I didn’t talk about the advertising aspect

by Andrea Elizabeth

|Thu, Dec. 16 2010 05:56 PM EDT
Debate Prompts Fort Worth to Adopt Ban on Religious, Atheist Ads
By Nathan Black|Christian Post Reporter
The Fort Worth Transportation Authority, or The T, adopted a policy Wednesday night that bans buses and bus benches from carrying religious ads.

The adoption came weeks after atheist ads declaring “Millions of Americans are good without God” were launched on four city buses. The ads sparked debate and drew criticism from residents who considered the campaign an insult to Christianity, especially during the Christmas season.

Some ministers organized a boycott and others called on The T to ban all religious advertising.

Already, The T does not accept ads related to politics, tobacco, alcohol, pornography and obscenity. But the board of directors’ revision to existing guidelines expanded the list of banned ads to include religious, nontheistic or faith-based ads.

“The agency’s staff recommended adding the exclusion of any faith-based ads because of the distraction from its core business and excessive staff time that have been required to respond to the recent controversy over religious versus atheist ads on The T’s buses,” The T stated.

The new advertising policy also includes a specific exclusion of defamatory messages targeting individuals or specific groups.

The “Good without God” ads were sponsored by the Dallas-Fort Worth Coalition of Reason. The group said the campaign was designed to raise awareness about people who don’t believe in a god and to guide those interested to the 15 area nontheistic groups that make up the DFW coalition.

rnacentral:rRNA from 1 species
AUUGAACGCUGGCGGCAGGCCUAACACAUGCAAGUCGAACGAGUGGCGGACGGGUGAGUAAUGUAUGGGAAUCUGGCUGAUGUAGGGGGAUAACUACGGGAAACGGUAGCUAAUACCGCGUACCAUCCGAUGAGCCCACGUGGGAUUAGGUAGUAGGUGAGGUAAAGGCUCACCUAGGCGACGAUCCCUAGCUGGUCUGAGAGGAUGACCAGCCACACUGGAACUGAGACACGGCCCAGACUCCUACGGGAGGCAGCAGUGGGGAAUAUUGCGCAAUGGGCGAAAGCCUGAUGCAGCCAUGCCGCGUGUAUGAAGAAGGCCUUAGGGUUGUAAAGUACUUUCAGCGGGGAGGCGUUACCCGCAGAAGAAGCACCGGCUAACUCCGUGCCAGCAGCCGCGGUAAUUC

The atheist group had also planned to run the ads on Dallas buses, but the Dallas Area Rapid Transit rejected the campaign.

A monthlong campaign, the atheist ads will be allowed to remain on the Forth Worth buses until the agreement ends later this month.

A blue mobile billboard truck carrying a pro-Christian message is currently shadowing the buses. The billboard reads “I still love you. – God” and “2.1 billion people are good with God.”



(end article)

Seems it’s still taboo to be an atheist in Ft. Worth. The whole public opinion thing is what mainly bothers me. Oh no, the atheists are going to get more votes than the Christians, or at least deists. I don’t think they’re so worried about popularity as about the belief that a person’s vote is what saves them. And the fear of a communist atheist society if they win. How would life have been different without the red scare? We wouldn’t have “under God” in the pledge for one thing. The reds were pretty scary, but not all that was anti red was nice. Identity based on not being one of “those” isn’t much of an identity.

It is interesting that Adam and Eve didn’t die as we connote death at the fall. Some may even think things got more exciting for them. Some may think they were good without their previous relationship with God. These brave, honest thinkers will go on to reject God for all of the fear of punishment and impossible testing that he put Adam and Eve through. Others will blindly believe that He is good and necessary despite it all. This will prove that they are good too. In fact, better than those who are good without God. The latter think they’re better for being more honest and authentic to naked reality.

But “faith is the substance of things hoped for and the evidence of things not seen”, according to Hebrews 11. What is hope and what comprises the invisible? They have to have substance or we wouldn’t have the capacity to hope and comprehend what invisibility is. The atheist thinks these components of humanity are as useless as an appendix.